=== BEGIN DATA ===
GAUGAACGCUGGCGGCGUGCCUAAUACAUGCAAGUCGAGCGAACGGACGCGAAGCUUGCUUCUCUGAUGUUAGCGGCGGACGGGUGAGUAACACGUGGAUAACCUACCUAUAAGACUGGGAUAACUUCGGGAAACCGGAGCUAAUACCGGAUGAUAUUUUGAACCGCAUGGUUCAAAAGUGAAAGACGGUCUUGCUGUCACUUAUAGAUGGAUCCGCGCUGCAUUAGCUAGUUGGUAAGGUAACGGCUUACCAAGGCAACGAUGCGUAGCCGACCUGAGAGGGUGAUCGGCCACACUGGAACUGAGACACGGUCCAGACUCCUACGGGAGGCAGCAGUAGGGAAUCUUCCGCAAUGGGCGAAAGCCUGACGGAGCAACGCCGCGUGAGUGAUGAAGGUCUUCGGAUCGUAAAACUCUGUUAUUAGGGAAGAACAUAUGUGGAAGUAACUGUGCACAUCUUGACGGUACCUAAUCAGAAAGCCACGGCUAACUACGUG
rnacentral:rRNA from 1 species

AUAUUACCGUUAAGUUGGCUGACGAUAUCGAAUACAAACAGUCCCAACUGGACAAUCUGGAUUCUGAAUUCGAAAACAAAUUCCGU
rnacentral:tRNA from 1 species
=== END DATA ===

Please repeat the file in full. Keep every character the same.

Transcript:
GAUGAACGCUGGCGGCGUGCCUAAUACAUGCAAGUCGAGCGAACGGACGCGAAGCUUGCUUCUCUGAUGUUAGCGGCGGACGGGUGAGUAACACGUGGAUAACCUACCUAUAAGACUGGGAUAACUUCGGGAAACCGGAGCUAAUACCGGAUGAUAUUUUGAACCGCAUGGUUCAAAAGUGAAAGACGGUCUUGCUGUCACUUAUAGAUGGAUCCGCGCUGCAUUAGCUAGUUGGUAAGGUAACGGCUUACCAAGGCAACGAUGCGUAGCCGACCUGAGAGGGUGAUCGGCCACACUGGAACUGAGACACGGUCCAGACUCCUACGGGAGGCAGCAGUAGGGAAUCUUCCGCAAUGGGCGAAAGCCUGACGGAGCAACGCCGCGUGAGUGAUGAAGGUCUUCGGAUCGUAAAACUCUGUUAUUAGGGAAGAACAUAUGUGGAAGUAACUGUGCACAUCUUGACGGUACCUAAUCAGAAAGCCACGGCUAACUACGUG
rnacentral:rRNA from 1 species

AUAUUACCGUUAAGUUGGCUGACGAUAUCGAAUACAAACAGUCCCAACUGGACAAUCUGGAUUCUGAAUUCGAAAACAAAUUCCGU
rnacentral:tRNA from 1 species